K7RA Propagation Bulletin #35   (updated on: 29/Aug/14)

SB PROP @ ARL $ARLP035
ARLP035 Propagation de K7RA

ZCZC AP35
QST de W1AW  
Propagation Forecast Bulletin 35  ARLP035
From Tad Cook, K7RA
Seattle, WA  August 29, 2014
To all radio amateurs 

SB PROP ARL ARLP035
ARLP035 Propagation de K7RA

Average daily sunspot numbers this week moved from 101.7 to 113.4,
while average daily solar flux changed from 111.8 to 130.5. The
active day according to geomagnetic indicators was Wednesday, August
27, when the planetary A index reached 20. This was the result of a
CME which created aurora at both north and south poles.
 
Predicted solar flux is 115 on August 29 to 31, 120 on September 1 and 2,
then 110, 105, 110 and 120 on September 3 to 6, 125 on September 7 and 8,
then 120, 125, and 130, on September 9 to 11, then 135, 130, 135, and
140 on September 12 to 15, then 145 on September 16 and 17, 140 on
September 18 and 19, 135 on September 20 to 23, and 125 on September
24 and 25.
 
Predicted planetary A index is 10, 8, 12 and 18 on August 29 through
September 1, 5 on September 2 to 5, 8 on September 6 and 7, 12 on
September 8, 5 on September 9 to 12, 8 on September 13, and 5 on
September 14 to 23.
 
OK1HH predicts quiet to active geomagnetic conditions August 29,
active to disturbed August 30, quiet to active August 31 through
September 1, quiet September 2, quiet to unsettled September 3 and 4,
quiet September 5, mostly quiet September 6, quiet to unsettled
September 7 and 8, quiet September 9 to 12, quiet to unsettled September
13, active to disturbed September 14 and 15, mostly quiet September
16 and 17, quiet September 18 to 21, quiet to active September 22 and
active to disturbed September 23.
 
Costas Krallis, SV1XV of Athens, Greece wrote about the numbers at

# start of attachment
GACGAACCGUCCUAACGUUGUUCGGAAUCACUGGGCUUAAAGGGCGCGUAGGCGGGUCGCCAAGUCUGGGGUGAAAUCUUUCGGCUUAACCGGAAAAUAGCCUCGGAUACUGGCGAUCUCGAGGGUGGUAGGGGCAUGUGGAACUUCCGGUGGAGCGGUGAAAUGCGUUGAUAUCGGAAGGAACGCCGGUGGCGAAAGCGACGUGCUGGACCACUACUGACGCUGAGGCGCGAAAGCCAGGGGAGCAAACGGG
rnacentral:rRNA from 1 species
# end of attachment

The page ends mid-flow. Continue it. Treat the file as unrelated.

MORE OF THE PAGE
the end of last week's bulletin: "Now something is wrong about the
mean values. How can the average of seven numbers, all of them lower
than 120, be 138.8? And how can the average of seven numbers, none
of them lower than 4, be 3.7?"
 
Costas is correct, but how could I be so wrong? To correct the
record for last week's bulletin, the average daily sunspot number
for August 14 to 20 was 101.7, average solar flux was 111.8, average
planetary A index was 6.7 and average mid-latitude A index was 7.1.
 
NOAA has a couple of new web pages they are rolling out. Check out
the Space Weather Enthusiasts page at 
http://origin-www.swpc.noaa.gov/content/space-weather-enthusiasts
and the Data Access page at 
http://origin-www.swpc.noaa.gov/content/data-access . They also seek
your comments at 
http://www.nws.noaa.gov/survey/nws-survey.php?code=NSWPCWS .
 
Chip Sufitchi, N2YO/YO3FWC sent a note about a Romanian propagation
bulletin, which just published its five-hundredth edition.
 
Chip wrote, "I wanted to inform you that the Weekly Propagation
Bulletin hosted by the popular Romanian web site Radioamator.ro just
released issue 500. One month ago the web site celebrated 10 years
of continuous presence on the web by activating a special call sign
(YR10RRO) and releasing a decennial award.
 
The main section in the bulletin discusses some interesting
propagation events occurring recently, including VHF/UHF if any,